On October 17, 1814, a wooden beer vat burst at Meux & Co.’s Horseshoe Brewery in London. The force of the gushing liquid blew out the back wall of the brewery, unleashing killer waves of delicious heady porter onto the city streets. Estimates suggest that more than a million litres of beers flowed through the neighbourhood, with waves cresting at 15 feet!
This torrent of free-flowing beer flooded nearby basements and collapsed neighbouring walls and roofs, trapping people beneath beer and rubble. Altogether eight people died in the London Beer Flood, including four mourners who were, at the time, gathered in a basement, taking part in a toddler’s wake. Oof. Bad luck.
Some people, though, took a rosier view of things. Free beer! Free beer! A red-letter day! Stories quickly sprung up of people skipping out into the streets to help themselves to a free pint (or two, or three) from the river of porter. There’s even a legend about a ninth casualty who died of alcohol poisoning a few days later. Ah, human frailty.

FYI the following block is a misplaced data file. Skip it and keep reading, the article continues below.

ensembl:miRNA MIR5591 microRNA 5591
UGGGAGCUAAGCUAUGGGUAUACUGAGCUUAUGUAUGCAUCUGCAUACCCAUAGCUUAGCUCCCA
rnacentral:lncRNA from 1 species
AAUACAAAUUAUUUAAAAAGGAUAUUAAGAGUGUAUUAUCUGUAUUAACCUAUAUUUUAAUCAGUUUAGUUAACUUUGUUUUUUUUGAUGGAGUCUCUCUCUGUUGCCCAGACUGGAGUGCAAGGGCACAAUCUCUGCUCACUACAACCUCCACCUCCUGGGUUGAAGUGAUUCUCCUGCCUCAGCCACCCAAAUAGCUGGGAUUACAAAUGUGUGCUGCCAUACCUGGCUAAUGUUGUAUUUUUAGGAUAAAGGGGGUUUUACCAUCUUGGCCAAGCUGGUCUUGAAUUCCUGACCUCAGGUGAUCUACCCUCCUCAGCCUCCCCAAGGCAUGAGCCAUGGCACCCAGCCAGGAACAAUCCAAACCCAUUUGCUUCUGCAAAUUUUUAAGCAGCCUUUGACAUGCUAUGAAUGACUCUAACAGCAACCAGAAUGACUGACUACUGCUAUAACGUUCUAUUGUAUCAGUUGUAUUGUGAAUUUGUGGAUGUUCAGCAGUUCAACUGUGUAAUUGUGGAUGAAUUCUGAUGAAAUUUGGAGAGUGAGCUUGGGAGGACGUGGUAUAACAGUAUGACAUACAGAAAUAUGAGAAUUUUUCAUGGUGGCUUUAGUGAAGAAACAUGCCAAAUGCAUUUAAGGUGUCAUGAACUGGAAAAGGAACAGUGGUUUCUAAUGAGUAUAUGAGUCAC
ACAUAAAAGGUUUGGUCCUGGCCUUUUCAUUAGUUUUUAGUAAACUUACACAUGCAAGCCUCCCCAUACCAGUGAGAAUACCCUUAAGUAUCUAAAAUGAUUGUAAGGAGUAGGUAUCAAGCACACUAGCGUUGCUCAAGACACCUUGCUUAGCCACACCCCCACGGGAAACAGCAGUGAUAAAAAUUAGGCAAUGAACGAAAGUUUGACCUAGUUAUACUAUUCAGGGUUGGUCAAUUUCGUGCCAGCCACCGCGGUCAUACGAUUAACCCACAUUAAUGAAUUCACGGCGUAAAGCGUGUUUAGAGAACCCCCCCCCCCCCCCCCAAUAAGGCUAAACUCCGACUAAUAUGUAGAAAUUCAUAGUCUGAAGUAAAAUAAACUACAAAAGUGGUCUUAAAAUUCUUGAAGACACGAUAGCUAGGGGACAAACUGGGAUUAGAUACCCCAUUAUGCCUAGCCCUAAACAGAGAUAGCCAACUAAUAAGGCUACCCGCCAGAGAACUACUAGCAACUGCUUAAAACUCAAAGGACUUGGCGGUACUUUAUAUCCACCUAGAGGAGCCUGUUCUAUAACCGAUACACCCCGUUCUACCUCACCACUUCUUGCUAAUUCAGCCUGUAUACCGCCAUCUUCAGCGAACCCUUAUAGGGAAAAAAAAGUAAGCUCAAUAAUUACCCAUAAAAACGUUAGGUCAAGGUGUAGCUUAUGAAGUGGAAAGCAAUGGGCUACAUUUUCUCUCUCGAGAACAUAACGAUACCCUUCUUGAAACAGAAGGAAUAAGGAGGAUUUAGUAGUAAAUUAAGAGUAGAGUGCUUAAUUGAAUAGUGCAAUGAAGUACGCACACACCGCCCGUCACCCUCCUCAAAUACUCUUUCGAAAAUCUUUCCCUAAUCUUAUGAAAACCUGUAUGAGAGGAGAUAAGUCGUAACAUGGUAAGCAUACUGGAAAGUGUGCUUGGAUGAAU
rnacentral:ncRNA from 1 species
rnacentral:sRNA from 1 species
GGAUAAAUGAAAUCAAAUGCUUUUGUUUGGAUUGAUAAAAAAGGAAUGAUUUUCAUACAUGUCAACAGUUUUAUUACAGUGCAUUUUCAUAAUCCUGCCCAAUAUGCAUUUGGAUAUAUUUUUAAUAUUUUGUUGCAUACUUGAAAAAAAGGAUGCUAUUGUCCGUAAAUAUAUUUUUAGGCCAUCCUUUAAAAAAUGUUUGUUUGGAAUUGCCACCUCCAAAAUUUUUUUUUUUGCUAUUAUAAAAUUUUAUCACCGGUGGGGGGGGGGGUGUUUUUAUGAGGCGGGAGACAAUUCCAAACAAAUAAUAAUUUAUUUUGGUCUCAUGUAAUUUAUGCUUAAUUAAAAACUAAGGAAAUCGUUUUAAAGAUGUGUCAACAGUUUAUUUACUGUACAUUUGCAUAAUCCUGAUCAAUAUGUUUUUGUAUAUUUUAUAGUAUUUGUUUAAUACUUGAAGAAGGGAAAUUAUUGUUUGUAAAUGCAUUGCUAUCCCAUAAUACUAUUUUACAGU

But even counting that possible ninth victim, the Great Porter Disaster of 1814 is not the deadliest food flood in history. More than a hundred years later, a 50-foot high wave of molasses swept through the streets of Boston. The Great Molasses Flood of 1919, colloquially known as the “molassacre”, killed a whopping 21 people. Here’s a front page headline from the time.
The molasses came from the Purity Distilling Company, which had been using it to manufacture explosives for the first world war. Wartime pressures (and profits?) seem to have trumped safety concerns. According to this video, Purity was well aware of issues at its giant molasses tank, going so far as to paint the tank brown to mask noticeable leaks in a stunning display of industrial malfeasance. The molassacre eventually led to a successful class-action lawsuit, one of the first in Massachusetts history.
By contrast, Meux & Co. was let off the hook for the beer flood fiasco. An inquest declared this accident an Act of God. But the episode did prompt an industry-wide shift away from wooden fermenting vats. Concrete-lined vats and steel vats gradually supplanted the wooden variety. Today, though, wooden vats are making a comeback, with hipster brewers (who else?) pushing the cause. And so the great pendulum of history swings again, in its endless, aimless back-and-forth through time.